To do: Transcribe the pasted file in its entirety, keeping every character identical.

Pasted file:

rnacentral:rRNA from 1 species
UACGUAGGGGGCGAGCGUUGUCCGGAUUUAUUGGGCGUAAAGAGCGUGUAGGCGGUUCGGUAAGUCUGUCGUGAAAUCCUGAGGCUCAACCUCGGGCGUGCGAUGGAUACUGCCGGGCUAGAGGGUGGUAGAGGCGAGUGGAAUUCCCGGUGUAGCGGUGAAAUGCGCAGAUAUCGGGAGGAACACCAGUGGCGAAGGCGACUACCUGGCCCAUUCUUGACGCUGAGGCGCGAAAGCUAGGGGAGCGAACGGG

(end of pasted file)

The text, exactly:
rnacentral:rRNA from 1 species
UACGUAGGGGGCGAGCGUUGUCCGGAUUUAUUGGGCGUAAAGAGCGUGUAGGCGGUUCGGUAAGUCUGUCGUGAAAUCCUGAGGCUCAACCUCGGGCGUGCGAUGGAUACUGCCGGGCUAGAGGGUGGUAGAGGCGAGUGGAAUUCCCGGUGUAGCGGUGAAAUGCGCAGAUAUCGGGAGGAACACCAGUGGCGAAGGCGACUACCUGGCCCAUUCUUGACGCUGAGGCGCGAAAGCUAGGGGAGCGAACGGG